Turns Out, The US Is Not The Biggest Political Ad Market

U.S. political ad spending is so significant that for years the major ad forecasters have either published two versions of estimates including and excluding the impact of U.S. ad spending in their worldwide calculations, or left it out entirely. They have done this because the cyclical nature of quadrennial presidential election years skew the picture of underlying growth of the underlying ad economy.

Never mind that even off-year political spending has grown significant in the U.S. due to ongoing political issues advertising bought to sway public or legislative opinions, many ad industry economists and political media consultants have simply taken it for granted that the U.S. is the world's biggest political advertising market. Well it is, and it isn't according to a unique new analysis included in GroupM's just-released mid-year update to its annual advertising forecast.



Yes, the U.S. remains far and away the biggest political ad economy in terms of volume, but in terms of share of overall ad spending, GroupM found other markets actually allocate more to political campaigns.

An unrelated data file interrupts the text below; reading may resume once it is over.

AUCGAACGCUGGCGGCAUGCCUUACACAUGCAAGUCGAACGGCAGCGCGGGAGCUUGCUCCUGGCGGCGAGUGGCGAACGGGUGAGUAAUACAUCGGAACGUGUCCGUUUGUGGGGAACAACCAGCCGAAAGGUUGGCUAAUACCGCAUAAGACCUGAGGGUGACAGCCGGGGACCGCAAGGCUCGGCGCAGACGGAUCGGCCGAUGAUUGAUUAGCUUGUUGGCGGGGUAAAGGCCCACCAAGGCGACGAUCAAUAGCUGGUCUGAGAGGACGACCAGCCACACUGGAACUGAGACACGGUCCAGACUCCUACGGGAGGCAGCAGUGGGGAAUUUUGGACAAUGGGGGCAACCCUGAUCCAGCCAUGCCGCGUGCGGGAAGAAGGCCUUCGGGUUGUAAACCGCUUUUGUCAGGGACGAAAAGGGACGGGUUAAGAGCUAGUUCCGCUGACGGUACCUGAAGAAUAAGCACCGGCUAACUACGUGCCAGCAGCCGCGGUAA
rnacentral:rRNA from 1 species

While GroupM did not tease out political ad spending for every ad market it calculates, it found at least two -- Uruguay and Sri Lanka -- actually spend more on political advertising as a percentage of their overall ad economies. Others, including Mexico and Lithuania aren't far behind the U.S. in terms of share of total ad spending.

On reason GroupM did the analysis was to understand the degree with which political ad buys disrupt the supply of ad inventory for domestic advertisers in other markets.

"I think we can start to see that this is not just about U.S. political advertising, but much more broadly about political advertising globally, GroupM Global President of Business Intelligence Kate Scott-Dawkins said during a press briefing in advance of its just-released mid-year update.

She cited the impact of tight political advertising markets in some "African nations," where regular consumer marketing brands were forced to move their schedules to the second half of the year, because the first half was so dominated by election advertising and media coverage.

In fact, Scott-Dawkins said GroupM is considering creating a separate line item in its domestic forecasts for other markets similar to the way it does it for the U.S. in order to get a handle on the impact the category has on the underlying ad economy.

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